It was into this craft beer empire that the three Marti boys (sons of current Schell’s president Ted Marti) were born. As kids they’d bike to the brewery and play around in the bottle house and the gardens. As they grew older, they started working regular summer hours at Schell’s. While they insist they were never expected to join the family business, they also admit there was never really a question in their minds that they’d all eventually find their way back to New Ulm—though they each took pretty different paths along the way.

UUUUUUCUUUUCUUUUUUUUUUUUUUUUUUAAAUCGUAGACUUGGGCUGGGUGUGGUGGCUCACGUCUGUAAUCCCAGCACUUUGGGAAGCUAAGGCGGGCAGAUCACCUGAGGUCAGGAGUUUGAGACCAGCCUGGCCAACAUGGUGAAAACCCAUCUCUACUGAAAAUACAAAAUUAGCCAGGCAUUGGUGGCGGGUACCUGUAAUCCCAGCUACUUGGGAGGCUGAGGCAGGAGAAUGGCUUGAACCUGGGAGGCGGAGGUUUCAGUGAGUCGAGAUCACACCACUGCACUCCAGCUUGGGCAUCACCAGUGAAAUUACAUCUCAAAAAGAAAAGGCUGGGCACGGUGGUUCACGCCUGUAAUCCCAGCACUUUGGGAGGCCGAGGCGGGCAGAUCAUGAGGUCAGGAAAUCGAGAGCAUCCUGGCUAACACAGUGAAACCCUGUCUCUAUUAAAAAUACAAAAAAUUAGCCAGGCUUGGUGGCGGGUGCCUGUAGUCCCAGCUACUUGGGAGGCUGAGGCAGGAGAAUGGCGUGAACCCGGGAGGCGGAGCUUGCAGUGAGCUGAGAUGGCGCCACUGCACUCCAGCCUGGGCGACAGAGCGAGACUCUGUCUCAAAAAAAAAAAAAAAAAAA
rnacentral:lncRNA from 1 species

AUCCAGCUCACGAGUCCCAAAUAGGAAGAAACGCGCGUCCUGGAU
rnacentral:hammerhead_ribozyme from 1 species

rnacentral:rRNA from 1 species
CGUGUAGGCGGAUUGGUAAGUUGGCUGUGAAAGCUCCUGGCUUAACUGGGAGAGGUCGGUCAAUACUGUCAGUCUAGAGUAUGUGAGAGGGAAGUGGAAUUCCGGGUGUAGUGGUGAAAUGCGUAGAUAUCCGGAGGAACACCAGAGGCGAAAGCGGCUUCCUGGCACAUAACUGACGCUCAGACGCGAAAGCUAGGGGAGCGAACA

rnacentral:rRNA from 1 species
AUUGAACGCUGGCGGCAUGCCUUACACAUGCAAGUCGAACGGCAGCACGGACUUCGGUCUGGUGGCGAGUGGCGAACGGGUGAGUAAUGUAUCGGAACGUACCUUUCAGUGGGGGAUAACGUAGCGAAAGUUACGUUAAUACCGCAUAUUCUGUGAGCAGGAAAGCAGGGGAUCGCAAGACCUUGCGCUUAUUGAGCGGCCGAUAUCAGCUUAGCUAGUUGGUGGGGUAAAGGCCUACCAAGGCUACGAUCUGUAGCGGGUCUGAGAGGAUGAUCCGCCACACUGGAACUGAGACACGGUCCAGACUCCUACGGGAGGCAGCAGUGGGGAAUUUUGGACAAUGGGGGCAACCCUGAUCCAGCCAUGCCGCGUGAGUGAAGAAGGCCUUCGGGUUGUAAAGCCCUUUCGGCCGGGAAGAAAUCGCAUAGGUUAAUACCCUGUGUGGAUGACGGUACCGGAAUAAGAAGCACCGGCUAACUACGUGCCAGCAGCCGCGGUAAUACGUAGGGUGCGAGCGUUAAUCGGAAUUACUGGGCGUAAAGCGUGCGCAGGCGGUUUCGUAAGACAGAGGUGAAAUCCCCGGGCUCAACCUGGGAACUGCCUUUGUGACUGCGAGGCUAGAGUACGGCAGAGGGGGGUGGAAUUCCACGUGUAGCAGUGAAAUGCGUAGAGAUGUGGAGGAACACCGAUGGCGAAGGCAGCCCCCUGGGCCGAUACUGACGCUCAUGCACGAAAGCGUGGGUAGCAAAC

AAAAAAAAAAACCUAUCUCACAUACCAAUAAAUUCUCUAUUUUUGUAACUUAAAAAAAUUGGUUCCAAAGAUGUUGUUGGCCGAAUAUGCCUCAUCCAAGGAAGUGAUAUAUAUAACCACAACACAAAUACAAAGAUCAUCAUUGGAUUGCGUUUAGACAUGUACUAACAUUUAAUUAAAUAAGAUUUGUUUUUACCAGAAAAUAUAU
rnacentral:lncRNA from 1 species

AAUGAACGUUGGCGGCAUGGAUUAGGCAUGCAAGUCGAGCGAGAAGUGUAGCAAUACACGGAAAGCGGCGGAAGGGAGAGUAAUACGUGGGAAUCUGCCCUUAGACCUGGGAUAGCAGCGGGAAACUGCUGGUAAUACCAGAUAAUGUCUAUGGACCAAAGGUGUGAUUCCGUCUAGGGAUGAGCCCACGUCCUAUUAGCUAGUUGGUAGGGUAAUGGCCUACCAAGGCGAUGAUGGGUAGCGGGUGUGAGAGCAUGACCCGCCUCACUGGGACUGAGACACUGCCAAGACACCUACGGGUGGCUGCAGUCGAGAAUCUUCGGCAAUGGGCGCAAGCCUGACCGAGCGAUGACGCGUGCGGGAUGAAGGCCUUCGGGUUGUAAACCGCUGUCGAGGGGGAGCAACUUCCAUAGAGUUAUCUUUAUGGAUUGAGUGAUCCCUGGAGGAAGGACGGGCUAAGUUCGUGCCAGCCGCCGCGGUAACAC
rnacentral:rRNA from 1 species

Both Kyle and Franz Marti joined the military during college, serving in the National Guard and deploying overseas. Kyle is still serving in the Illinois National Guard Special Forces, while Franz was honorably discharged after being wounded in Afghanistan (and receiving the Purple Heart). Meanwhile, Jace headed north to study graphic design in Duluth.
Yet, slowly but surely, the family has reunited. Jace arrived first, working on the brewery’s promotional materials and then becoming the assistant brewmaster. Then Franz came back, doing a little bit of everything at the brewery. Finally, Kyle returned, taking up the administrative side of things.
Thus began the saga of brothers, a brewery and beer—and, like the Noble Star Collection, it’s only getting better with time.
When did you start working at Schell’s?